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Enzyme Technology

Calorimetric biosensors

Many enzyme catalysed reactions are exothermic, generating heat (Table 6.1) which may be used as a basis for measuring the rate of reaction and, hence, the analyte concentration. This represents the most generally applicable type of biosensor. The temperature changes are usually determined by means of thermistors at the entrance and exit of small packed bed columns containing immobilised enzymes within a constant temperature environment (Figure 6.2). Under such closely controlled conditions, up to 80% of the heat generated in the reaction may be registered as a temperature change in the sample stream. This may be simply calculated from the enthalpy change and the amount reacted. If a 1 mM reactant is completely converted to product in a reaction generating 100 kJ ˣ mol-1 then each ml of solution generates 0.1 J of heat. At 80% efficiency, this will cause a change in temperature of the solution amounting to approximately 0.02C. This is about the temperature change commonly encountered and necessitates a temperature resolution of 0.0001C for the biosensor to be generally useful.


Table 6.1. Heat output (molar enthalpies) of enzyme catalysed reactions.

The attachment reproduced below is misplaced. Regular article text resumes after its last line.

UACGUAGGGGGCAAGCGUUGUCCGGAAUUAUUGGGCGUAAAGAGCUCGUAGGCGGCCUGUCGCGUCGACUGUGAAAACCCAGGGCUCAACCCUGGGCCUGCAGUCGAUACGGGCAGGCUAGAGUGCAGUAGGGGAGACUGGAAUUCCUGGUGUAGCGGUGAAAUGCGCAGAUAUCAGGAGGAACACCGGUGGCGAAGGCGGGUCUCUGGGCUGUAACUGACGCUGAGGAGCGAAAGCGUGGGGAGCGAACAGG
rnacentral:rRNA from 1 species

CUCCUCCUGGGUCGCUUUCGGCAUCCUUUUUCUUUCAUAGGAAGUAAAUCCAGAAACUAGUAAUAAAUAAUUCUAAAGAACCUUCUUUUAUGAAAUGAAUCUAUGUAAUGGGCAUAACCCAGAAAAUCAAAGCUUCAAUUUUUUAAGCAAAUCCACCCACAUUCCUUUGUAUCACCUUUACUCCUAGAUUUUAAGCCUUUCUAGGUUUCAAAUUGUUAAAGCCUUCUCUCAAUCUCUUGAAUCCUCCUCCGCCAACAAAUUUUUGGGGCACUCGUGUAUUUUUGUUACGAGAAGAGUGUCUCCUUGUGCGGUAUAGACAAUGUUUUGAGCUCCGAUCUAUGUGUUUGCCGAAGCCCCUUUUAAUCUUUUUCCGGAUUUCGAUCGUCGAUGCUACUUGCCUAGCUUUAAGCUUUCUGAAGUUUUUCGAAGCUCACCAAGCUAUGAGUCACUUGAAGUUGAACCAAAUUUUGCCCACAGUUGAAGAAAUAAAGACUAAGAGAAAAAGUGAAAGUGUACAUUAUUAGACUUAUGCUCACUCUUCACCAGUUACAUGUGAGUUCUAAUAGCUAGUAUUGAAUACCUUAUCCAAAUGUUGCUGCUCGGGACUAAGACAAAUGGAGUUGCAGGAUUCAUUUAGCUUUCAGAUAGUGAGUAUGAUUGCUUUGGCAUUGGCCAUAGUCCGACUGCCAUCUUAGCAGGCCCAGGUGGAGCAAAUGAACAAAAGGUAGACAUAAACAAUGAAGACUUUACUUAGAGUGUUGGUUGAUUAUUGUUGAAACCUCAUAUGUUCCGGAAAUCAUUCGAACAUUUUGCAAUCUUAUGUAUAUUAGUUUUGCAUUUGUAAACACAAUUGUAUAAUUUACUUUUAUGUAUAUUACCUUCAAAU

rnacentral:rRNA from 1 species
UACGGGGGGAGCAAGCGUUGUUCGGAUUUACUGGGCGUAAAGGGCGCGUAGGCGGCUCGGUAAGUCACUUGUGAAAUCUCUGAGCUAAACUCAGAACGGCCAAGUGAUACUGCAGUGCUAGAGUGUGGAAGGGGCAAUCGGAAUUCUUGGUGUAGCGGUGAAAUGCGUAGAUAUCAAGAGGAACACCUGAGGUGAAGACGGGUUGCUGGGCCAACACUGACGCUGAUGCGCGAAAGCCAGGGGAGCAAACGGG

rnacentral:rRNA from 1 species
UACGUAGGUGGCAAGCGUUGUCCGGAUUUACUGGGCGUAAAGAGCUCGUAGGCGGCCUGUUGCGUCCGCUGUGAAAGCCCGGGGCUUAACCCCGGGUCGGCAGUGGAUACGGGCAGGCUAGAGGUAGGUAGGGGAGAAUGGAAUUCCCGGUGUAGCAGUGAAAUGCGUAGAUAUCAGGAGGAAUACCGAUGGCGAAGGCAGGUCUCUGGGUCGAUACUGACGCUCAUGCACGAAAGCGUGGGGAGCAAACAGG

Reactant

Enzyme

Heat output
-
DH (kJ ˣ mol-1)

Cholesterol

Cholesterol oxidase

53

Esters

Chymotrypsin

4 - 16

Glucose

Glucose oxidase

80

Hydrogen peroxide

Catalase

100

Penicillin G

Penicillinase

67

Peptides

Trypsin

10 - 30

Starch

Amylase

 8

Sucrose

Invertase

20

Urea

Urease

61

Uric acid

Uricase

49


A calorimetric biosensor

Figure 6.2. Schematic diagram of a calorimetric biosensor. The sample stream (a) passes through the outer insulated box (b) to the heat exchanger (c) within an aluminium block (d). From there, it flows past the reference thermistor (e) and into the packed bed bioreactor (f, 1ml volume), containing the biocatalyst, where the reaction occurs. The change in temperature is determined by the thermistor (g) and the solution passed to waste (h). External electronics (l) determines the difference in the resistance, and hence temperature, between the thermistors.


The thermistors, used to detect the temperature change, function by changing their electrical resistance with the temperature, obeying the relationship

Ln(R1/R2)=B(1/T1 - 1/T2)         (6.2)

therefore:

(R1/R2)=exp(B(1/T1 - 1/T2))         (6.2b)

where R1 and R2 are the resistances of the thermistors at absolute temperatures T1 and T2 respectively and B is a characteristic temperature constant for the thermistor. When the temperature change is very small, as in the present case, B(1/T1) - (1/T2) is very much smaller than one and this relationship may be substantially simplified using the approximation when x<<1 that ex1 + x (x here being B(1/T1) - (1/T2),

R1=R2(1+B((T2-T1)/T1T2))            (6.3)

As T1 T2, they both may be replaced in the denominator by T1.

DeltaR/R = -(B/T1^2)DeltaT           (6.4)